The opinion of the court was delivered by: SOLOMON
SOLOMON, Senior District Judge, Sitting by Designation:
Plaintiff, Petra Williams, individually and as a shareholder of The Federal Bearings Co., Inc. (Federal) and The Schatz Manufacturing Company (Schatz), filed actions against these two corporations and against certain of their officers and directors to require them to distribute substantial portions of the corporations' accumulated surpluses to the shareholders and to repay to the corporations excess compensation these officers and directors received from 1963 to 1968.
Federal was organized by three brothers, all of whom died before these actions were filed. There are 9,595 shares of stock in Federal which are outstanding. Plaintiff owns 1,328 shares, and 6,437 shares are owned by other descendants of the founders or trusts for the benefit of the descendants. Only 1,830 shares are owned by outside parties.
There are 3,380 shares of Schatz common and preferred stock. Plaintiff owns 332 shares, Federal owns 1,629, and the other 1,419 are either owned by relatives of the founders or are in the names of estates or trusts for the benefit of those relatives. James E. Neighbors, Jr., is the legal or beneficial owner of one-sixth of all of the stock, and it is anticipated that he will later acquire as much as one-fourth of the stock. His sister owns an equal amount.
For a number of years before plaintiff filed these actions, she was concerned about the activities of the trustees and their sale of the stock of Federal and Schatz without having first offered the stock to her. She had other grievances. She was dissatisfied with the size of the dividends and thought that much of the accumulated surpluses should be distributed to the stockholders.
In October 1966, she consulted Edwin Cohen, an attorney in Louisville, Kentucky. His records reveal that he researched the law and made other inquires about her complaints. Some time later, Mr. Cohen and other attorneys who became associated with Mr. Cohen investigated the salaries that were paid officers and directors, many of whom were related to plaintiff and all or most of whom owned less stock than she did. Plaintiff was not on the payroll of either corporation.
Both before and after these actions were filed, plaintiff had frequent doubts about the desirability of continuing these cases. The record shows that Mr. Cohen spent many hours reassuring her.
More than a year after Mr. Cohen undertook to represent plaintiff, he concluded that the cases should be filed in New York and that he should associate himself with a New York lawyer. At first Cohen wrote to, and later went to see, a well-known New York lawyer who specializes in plaintiffs' cases. This lawyer refused to participate in the cases.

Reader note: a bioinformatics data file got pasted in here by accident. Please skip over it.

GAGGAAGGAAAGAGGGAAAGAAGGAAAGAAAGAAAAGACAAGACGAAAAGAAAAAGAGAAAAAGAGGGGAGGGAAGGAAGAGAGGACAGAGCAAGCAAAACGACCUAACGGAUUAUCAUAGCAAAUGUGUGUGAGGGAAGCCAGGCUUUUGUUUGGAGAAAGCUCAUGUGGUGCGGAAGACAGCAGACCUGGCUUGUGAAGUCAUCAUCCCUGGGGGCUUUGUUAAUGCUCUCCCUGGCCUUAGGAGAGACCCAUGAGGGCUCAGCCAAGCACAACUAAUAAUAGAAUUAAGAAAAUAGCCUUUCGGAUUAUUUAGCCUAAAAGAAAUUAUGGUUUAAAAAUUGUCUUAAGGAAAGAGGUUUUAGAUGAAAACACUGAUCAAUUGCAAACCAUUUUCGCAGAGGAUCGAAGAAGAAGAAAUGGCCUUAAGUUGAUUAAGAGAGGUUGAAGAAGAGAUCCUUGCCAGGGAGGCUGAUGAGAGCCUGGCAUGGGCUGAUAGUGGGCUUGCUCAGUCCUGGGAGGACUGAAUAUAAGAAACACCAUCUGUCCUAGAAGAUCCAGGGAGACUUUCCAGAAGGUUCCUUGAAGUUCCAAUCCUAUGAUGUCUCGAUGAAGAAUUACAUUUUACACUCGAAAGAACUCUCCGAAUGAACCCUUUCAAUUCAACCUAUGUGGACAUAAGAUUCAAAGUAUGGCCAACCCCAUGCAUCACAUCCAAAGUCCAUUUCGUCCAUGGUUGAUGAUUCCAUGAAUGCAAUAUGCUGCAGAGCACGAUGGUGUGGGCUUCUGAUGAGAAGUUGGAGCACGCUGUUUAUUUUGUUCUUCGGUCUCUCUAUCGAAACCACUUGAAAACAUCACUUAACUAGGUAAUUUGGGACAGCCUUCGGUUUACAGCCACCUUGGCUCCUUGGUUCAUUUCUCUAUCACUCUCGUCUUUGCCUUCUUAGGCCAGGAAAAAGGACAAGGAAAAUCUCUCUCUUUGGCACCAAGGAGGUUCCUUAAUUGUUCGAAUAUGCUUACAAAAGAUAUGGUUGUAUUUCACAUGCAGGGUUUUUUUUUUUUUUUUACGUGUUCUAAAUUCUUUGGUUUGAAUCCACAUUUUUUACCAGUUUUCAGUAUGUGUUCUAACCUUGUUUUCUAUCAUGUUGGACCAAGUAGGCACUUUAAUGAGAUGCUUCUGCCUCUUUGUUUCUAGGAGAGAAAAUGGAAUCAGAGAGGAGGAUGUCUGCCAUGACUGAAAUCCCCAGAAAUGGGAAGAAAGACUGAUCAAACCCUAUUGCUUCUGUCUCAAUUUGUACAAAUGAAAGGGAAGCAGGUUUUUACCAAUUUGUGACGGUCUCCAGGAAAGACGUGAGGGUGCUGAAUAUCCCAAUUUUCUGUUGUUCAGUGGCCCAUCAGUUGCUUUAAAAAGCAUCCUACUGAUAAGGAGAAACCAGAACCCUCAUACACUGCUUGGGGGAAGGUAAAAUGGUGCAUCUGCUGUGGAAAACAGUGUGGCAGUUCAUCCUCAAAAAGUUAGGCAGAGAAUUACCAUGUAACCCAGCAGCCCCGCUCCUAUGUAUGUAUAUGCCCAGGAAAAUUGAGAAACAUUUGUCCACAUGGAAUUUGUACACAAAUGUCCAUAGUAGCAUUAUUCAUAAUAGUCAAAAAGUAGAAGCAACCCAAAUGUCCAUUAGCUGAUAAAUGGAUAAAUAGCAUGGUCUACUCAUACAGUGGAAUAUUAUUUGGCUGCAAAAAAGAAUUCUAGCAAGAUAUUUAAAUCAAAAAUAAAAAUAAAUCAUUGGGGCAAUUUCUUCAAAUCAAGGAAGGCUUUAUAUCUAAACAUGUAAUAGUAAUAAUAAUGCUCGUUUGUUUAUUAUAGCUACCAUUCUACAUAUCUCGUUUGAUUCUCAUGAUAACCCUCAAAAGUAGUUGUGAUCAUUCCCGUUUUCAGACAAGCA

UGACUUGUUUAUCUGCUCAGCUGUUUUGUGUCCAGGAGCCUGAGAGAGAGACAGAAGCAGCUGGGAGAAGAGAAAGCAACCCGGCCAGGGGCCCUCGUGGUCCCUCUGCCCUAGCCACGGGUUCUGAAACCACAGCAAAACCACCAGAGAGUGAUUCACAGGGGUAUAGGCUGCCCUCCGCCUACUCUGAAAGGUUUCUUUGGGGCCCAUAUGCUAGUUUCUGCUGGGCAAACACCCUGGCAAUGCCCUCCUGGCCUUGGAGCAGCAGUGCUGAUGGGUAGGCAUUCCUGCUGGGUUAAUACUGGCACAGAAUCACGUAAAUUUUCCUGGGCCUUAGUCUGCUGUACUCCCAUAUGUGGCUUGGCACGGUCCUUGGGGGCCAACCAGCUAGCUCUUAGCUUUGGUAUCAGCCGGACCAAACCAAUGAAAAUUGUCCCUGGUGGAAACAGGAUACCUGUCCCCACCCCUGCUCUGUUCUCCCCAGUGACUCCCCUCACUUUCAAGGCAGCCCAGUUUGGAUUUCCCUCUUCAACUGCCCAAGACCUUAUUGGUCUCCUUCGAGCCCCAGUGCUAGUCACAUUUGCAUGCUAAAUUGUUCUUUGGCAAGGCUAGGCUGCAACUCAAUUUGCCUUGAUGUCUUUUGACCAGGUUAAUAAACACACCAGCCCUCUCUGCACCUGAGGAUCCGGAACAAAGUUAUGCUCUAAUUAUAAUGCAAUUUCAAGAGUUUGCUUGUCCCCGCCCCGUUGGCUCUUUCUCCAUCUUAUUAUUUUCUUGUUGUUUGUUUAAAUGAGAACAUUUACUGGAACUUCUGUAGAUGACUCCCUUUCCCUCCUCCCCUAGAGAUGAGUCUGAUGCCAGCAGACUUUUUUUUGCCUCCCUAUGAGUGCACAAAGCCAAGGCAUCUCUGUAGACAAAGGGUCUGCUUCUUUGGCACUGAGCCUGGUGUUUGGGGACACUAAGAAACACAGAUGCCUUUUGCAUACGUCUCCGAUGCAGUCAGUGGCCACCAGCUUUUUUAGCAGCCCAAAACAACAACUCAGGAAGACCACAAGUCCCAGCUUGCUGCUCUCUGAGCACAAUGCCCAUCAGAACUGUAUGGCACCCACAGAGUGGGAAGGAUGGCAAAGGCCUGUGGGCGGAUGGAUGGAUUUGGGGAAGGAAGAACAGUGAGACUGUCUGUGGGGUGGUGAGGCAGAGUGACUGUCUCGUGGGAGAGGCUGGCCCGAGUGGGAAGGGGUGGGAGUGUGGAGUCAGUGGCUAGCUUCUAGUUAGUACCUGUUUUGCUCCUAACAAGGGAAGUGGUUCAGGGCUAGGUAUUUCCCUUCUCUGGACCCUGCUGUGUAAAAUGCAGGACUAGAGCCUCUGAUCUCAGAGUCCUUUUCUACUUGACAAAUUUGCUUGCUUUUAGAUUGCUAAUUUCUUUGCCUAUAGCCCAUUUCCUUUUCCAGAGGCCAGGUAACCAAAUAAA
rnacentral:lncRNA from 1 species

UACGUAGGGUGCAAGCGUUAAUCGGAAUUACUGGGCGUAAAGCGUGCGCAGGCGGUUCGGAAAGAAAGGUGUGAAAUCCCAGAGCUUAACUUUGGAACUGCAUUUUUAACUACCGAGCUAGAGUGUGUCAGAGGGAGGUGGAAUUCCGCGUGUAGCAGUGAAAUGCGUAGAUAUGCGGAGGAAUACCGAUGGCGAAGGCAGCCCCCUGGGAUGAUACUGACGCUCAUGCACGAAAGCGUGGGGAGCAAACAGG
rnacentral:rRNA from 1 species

Later, Cohen succeeded in getting Benedict Ginsberg to join him in the prosecution of the cases. Mr. Ginsberg handles commercial cases primarily. He had never handled a minority stockholder action.
In May 1968, plaintiff, with Mr. Ginsberg and Mr. Cohen as her attorneys, filed two actions -- one against Federal and some of its directors, and the other against Schatz and some of its directors. Both complaints were simple and similar. They sought a return of excess compensation paid to or for the named directors, and in separate counts asked for the distribution in dividends of accumulated surpluses.
Mr. Ginsberg recently estimated that he and the associates in his office (not Mr. Cohen) spent 83 hours in the research and preparation of these two complaints and the minor amendments made to them. Mr. Ginsberg estimated that he personally spent 48 hours in this endeavor.
In late 1968, the depositions of Bennett, Bahret, Recknagel, and Ernestine Neighbors were taken. In 1969, the depositions of James Neighbors, Jr., and Fichter were taken. The deposition of Bennett was the longest; it was 134 pages. The other five depositions combined totaled 184 pages.
Mr. Ginsberg estimated that he spent 94 hours preparing for and taking these depositions and that members of his office spent 67 hours, or a total of 161 hours.
In February 1971, the parties filed pretrial orders, which recited that on April 17 and again on December 9, 1970, the attorneys appeared before the court and agreed that:
1. The actions complain only of acts committed by the defendants within six years prior to the service of the complaints; and
2. The fictitious defendants named in the complaints would be deleted.
Plaintiff in the pretrial order added the following contentions:
1. The defendants succeeded in controlling the corporations through personal stock ownership and the ownership by trusts which the individual defendants controlled;
2. The defendants paid themselves excessive amounts as salaries, bonuses and benefits;
3. Excessive earnings were retained, and the surplus so created might subject the corporations to penalties under the Internal Revenue Code; and
4. The financial status of the corporations demanded the declaration of greater dividends.
The so-called "amendments" added little, if anything, to the complaints.
The defendants, in accordance with the Federal Rules of Civil Procedure and the Local Rules of the Southern District of New York, set forth with great specificity the grounds upon which they sought to defeat plaintiff's claims.
For his efforts in connection with these pretrial hearings, Mr. Ginsberg seeks compensation for 83 hours for himself and 55 hours for the two associates in his office.
In December 1972, plaintiff submitted a partial set of proposed findings. In the Schatz case, the proposed findings were three pages long and consisted of 10 items of undisputed facts which described the parties and set forth the amounts of common and preferred stock which each of them owned.
Defendants submitted their proposed findings of fact. They were 79 pages long and consisted of 85 separate items. Defendants' proposed findings complied with the federal and local rules ...